IntroductionIn my last post, MicroLAN: Hosting the Ultimate Small Scale LAN Party [Part 1], I talked about preparations for the upcoming MicroLAN, along with good practices and common mistakes. Mostly, these things come from mistakes I have made and experience I have gathered.
Last weekend, I held a MicroLAN event which had 8 people show up. Even then, things didn't entirely quite go to plan. So I shall include a brief addition to the preparations I talked about before. I will also talk about the actual event itself.
Preparation (cont'd)A problem I ran into at the last MicroLAN event was that even though I talk the talk, I failed to walk the walk when it came to locating all the games that people wanted to play. Luckily, I did have a few back up and reserve games that seemed to work very nicely. I was able to organize a system that made installing these games a breeze.
Also, I failed to test play any games before the MicroLAN. Usually I will have a buddy or brother install the game, and make sure everything works well. I didn't do this and as a result, learned that the game required unique CD keys for every person playing on LAN (which is unusual for games). This essentially wasted 2 hours of gaming. I also learned that another game only supported up to 5 players in game type we wished to play. So this left us down 2 more games.
A good thing I did was have a few extra games in reserve. Freeware games like Nexuiz are a great idea since they don't require any special skills in trying to get a multiplayer game going. This combined with some classic back-ups like a personal all time favourite, Tzar, saved the LAN from becoming a mess.
The MicroLANSo all the preparations are complete and you're ready to start the party. This is easier said than done.
There are probably going to be multiple people who haven't gotten the games installed yet. There are also people who are going to show up late. So what do you do? Do you not play a game and wait for them to get there and install everything? If you do this, you'll waste a lot of good gaming time. So why don't you just start playing the game? Well, by the time player X gets the game installed and is ready to play, everyone else might be done with it and ready to move on to another game.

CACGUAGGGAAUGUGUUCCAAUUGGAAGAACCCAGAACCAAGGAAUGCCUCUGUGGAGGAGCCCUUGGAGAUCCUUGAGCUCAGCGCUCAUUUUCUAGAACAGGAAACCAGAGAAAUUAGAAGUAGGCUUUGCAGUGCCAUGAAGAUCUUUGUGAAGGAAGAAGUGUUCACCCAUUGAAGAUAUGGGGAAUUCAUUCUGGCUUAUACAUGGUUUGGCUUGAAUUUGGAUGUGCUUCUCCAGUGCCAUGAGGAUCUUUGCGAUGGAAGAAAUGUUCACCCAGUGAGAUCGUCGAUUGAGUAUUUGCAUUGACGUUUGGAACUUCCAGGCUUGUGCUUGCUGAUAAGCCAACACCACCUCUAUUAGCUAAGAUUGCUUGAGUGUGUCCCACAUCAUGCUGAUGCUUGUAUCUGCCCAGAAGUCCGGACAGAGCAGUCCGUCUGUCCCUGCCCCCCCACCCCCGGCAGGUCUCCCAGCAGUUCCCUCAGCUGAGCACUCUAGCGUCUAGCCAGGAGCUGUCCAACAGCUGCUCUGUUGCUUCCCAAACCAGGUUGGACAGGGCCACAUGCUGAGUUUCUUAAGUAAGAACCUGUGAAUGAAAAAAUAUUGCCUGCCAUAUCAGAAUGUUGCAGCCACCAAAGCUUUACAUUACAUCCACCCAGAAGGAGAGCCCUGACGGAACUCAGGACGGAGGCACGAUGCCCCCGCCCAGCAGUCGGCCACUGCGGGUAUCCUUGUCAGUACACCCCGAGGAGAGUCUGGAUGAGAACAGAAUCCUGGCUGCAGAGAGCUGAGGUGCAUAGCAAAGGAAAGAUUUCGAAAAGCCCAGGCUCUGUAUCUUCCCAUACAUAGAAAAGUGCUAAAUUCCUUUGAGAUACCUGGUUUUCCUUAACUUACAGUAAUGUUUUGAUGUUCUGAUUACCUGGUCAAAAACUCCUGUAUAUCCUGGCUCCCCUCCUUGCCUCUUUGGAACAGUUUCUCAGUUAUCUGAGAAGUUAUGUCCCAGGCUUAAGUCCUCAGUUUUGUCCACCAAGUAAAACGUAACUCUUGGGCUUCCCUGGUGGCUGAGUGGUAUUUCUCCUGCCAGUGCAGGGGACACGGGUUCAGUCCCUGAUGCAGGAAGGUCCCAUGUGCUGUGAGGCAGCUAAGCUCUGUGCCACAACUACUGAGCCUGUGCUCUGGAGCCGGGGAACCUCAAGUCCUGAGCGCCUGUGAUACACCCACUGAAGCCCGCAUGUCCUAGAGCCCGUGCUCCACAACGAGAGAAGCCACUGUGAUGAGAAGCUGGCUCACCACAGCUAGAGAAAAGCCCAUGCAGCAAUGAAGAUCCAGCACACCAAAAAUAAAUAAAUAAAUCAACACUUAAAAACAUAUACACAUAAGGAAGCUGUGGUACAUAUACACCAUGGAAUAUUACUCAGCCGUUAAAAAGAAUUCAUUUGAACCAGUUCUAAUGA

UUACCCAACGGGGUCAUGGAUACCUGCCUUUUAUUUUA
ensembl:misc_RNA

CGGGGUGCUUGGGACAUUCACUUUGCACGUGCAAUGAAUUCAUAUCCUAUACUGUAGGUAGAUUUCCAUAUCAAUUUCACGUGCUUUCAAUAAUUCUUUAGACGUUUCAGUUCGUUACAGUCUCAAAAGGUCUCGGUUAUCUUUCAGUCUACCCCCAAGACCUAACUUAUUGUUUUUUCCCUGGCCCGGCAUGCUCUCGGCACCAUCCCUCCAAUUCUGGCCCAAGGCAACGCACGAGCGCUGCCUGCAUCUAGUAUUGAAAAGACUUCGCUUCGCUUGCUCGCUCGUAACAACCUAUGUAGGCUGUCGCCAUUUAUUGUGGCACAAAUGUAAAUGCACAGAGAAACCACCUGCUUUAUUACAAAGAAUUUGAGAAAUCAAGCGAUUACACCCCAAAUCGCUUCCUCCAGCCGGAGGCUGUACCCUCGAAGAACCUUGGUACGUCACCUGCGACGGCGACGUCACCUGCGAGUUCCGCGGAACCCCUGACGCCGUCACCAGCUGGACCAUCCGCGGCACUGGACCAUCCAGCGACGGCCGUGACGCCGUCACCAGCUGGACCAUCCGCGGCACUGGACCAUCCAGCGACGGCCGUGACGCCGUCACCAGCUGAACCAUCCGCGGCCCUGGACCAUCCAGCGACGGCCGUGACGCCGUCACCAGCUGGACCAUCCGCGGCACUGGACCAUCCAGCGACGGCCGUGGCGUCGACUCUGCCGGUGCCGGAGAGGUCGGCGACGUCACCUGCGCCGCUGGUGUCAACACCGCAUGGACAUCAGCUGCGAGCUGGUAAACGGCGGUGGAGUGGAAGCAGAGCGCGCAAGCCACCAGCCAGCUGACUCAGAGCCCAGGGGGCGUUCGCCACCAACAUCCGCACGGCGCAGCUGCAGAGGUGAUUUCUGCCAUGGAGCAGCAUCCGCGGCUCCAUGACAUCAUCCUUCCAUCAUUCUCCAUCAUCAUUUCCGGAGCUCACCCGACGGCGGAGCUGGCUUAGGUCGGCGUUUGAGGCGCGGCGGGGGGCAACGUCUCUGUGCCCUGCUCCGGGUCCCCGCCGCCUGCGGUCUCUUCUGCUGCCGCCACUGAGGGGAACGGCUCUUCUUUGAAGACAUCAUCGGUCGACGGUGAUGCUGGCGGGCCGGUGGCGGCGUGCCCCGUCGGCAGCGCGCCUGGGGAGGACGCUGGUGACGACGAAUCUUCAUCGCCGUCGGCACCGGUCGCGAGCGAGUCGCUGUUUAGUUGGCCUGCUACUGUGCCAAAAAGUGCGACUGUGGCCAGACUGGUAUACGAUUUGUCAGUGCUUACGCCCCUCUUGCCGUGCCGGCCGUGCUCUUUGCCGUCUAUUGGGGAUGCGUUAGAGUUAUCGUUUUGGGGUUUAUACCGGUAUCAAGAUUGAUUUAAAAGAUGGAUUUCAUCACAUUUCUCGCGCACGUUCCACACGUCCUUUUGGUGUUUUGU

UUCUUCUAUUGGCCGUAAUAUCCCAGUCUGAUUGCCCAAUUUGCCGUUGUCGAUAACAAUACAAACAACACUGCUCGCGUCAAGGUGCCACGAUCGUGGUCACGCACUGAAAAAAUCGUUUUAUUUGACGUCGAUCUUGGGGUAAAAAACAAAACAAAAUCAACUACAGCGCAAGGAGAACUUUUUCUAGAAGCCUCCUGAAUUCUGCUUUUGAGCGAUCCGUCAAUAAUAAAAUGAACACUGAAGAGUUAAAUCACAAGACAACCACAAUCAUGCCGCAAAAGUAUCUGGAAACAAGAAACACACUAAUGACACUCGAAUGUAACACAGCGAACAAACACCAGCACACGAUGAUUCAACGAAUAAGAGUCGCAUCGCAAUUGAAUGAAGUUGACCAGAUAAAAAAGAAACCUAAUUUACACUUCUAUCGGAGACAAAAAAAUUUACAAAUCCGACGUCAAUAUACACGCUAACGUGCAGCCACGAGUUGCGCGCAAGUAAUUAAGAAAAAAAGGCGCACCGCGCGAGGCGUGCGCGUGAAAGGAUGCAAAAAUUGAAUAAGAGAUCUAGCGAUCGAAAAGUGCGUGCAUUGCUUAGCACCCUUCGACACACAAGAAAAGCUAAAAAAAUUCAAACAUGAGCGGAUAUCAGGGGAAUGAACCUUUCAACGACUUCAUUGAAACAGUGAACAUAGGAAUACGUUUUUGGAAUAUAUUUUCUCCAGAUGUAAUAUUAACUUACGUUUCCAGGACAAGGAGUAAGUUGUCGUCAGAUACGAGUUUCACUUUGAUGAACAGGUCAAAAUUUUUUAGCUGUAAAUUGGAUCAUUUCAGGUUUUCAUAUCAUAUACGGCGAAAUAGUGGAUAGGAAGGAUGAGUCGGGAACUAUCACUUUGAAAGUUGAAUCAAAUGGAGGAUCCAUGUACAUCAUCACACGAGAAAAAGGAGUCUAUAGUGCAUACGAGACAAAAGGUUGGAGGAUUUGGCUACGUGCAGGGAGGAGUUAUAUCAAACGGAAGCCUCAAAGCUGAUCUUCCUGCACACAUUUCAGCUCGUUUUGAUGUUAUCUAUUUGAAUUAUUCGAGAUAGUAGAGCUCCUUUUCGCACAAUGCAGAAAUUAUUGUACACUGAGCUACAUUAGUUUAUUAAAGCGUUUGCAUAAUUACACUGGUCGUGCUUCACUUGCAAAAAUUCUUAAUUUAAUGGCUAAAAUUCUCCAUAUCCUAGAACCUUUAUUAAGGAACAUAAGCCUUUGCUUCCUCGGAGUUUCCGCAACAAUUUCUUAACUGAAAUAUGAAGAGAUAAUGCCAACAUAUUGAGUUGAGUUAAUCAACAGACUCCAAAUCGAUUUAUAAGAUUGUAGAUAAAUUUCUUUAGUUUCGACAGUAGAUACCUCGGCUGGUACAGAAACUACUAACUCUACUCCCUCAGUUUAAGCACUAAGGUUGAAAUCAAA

So what do you do? In my experience, there are certain groups of people who want to play games others don't. This is the perfect opportunity for these games to get played. A small group of people could be playing Super Shoot'em 2000 while other's played Global Thermonuclear Warfare 4 and player X installs games. That way people stay entertained, and the big LAN games are held until everyone is ready. And this way player X might show up on time next MicroLAN.
You might also run into general problems like a game doesn't like a particular computer or player. It's nice to have a back up computer on hand for this type of situation. It's also nice to have older games available as well, as a lot of them are simple and tend to run on just about everything. A good example of that is the Tzar game mentioned above.
And that's the hardest part about throwing the MicroLAN. The rest of the night will flow easy. Ordering or making food, going from game to game, having fun, kicking ass and taking names. This last MicroLAN of mine was considered "The best LAN [I've] thrown yet." per a long standing gamer. I like to think it's because I've followed my simple rules this time (mostly).
The next day when the show's all over, it's time to clean up the mess and kick back and relax for another few months until someone wants another MicroLAN. And when they do, you'll be ahead of the game.